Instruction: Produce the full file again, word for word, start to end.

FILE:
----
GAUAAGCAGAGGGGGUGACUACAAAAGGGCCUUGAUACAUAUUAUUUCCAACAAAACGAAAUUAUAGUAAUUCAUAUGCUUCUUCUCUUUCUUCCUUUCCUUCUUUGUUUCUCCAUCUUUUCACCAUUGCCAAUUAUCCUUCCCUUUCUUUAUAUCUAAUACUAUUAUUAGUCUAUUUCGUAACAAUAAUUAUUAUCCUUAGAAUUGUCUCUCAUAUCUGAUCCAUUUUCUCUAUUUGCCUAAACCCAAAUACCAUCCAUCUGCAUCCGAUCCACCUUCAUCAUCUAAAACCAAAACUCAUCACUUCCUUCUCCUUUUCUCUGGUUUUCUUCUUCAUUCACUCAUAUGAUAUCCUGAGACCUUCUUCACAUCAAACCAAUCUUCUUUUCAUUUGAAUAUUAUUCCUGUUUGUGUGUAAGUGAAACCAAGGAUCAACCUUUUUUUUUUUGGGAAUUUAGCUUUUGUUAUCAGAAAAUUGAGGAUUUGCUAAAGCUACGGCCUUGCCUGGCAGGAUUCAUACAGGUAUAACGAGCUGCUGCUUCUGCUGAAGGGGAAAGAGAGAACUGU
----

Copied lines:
GAUAAGCAGAGGGGGUGACUACAAAAGGGCCUUGAUACAUAUUAUUUCCAACAAAACGAAAUUAUAGUAAUUCAUAUGCUUCUUCUCUUUCUUCCUUUCCUUCUUUGUUUCUCCAUCUUUUCACCAUUGCCAAUUAUCCUUCCCUUUCUUUAUAUCUAAUACUAUUAUUAGUCUAUUUCGUAACAAUAAUUAUUAUCCUUAGAAUUGUCUCUCAUAUCUGAUCCAUUUUCUCUAUUUGCCUAAACCCAAAUACCAUCCAUCUGCAUCCGAUCCACCUUCAUCAUCUAAAACCAAAACUCAUCACUUCCUUCUCCUUUUCUCUGGUUUUCUUCUUCAUUCACUCAUAUGAUAUCCUGAGACCUUCUUCACAUCAAACCAAUCUUCUUUUCAUUUGAAUAUUAUUCCUGUUUGUGUGUAAGUGAAACCAAGGAUCAACCUUUUUUUUUUUGGGAAUUUAGCUUUUGUUAUCAGAAAAUUGAGGAUUUGCUAAAGCUACGGCCUUGCCUGGCAGGAUUCAUACAGGUAUAACGAGCUGCUGCUUCUGCUGAAGGGGAAAGAGAGAACUGU